Neolithic stone axe with wooden handle. Photo by JMiall.

Multimedia.pngClick here for a short overview of the Neolithic Revolution.

For more on the impact of agriculture, see Massachusetts Curriculum Framework 7.5

Click here for a short overview describing the shortcomings of the so-called Three Age System (Stone Age, Bronze Age, Iron Age).

A. Pastoralism and agriculture led to more reliable and abundant food supplies, which increased the population.

What effects did pastoralism & agriculture have on the food supply?
At first the food supply was unreliable due to a lot of energy devoted to crop production
  • The food supply slowly became more reliable and created surplus
  • In certain regions of the world, food options were limited

What were the social effects of the increased food supply caused by increase of agriculture?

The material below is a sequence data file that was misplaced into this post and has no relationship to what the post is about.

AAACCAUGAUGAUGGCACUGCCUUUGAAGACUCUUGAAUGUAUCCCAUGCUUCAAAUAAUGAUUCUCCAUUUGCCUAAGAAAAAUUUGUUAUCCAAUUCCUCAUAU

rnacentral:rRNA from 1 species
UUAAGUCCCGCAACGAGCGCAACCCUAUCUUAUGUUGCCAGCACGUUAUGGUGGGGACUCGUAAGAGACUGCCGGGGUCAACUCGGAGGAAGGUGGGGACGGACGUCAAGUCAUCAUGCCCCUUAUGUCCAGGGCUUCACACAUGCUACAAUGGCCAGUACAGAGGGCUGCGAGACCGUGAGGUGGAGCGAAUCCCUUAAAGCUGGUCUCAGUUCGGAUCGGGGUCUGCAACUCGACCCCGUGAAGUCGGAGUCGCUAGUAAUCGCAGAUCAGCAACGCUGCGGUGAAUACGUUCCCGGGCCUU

• Created class distinctions, the people with more land and therefore more food were on the higher end of the social hierarchy
  • Increased population
  • More leisure time
  • Feasting increased loyalty to leadership

B. Surpluses of food and other goods led to specialization of labor, including new classes of artisans and warriors, and the development of elites.

What labor adjustments did humans make in order to facilitate the Neolithic Revolution?
  • Increased reliance on female labor
  • Had to produce more crops to make up for the energy used for farming

C. Technological innovations led to improvements in agricultural production, trade, and transportation.

What technological innovations are associated with the growth of agriculture?
  • Preservation of food surplus, created granaries and store houses
  • Irrigation
  • City planning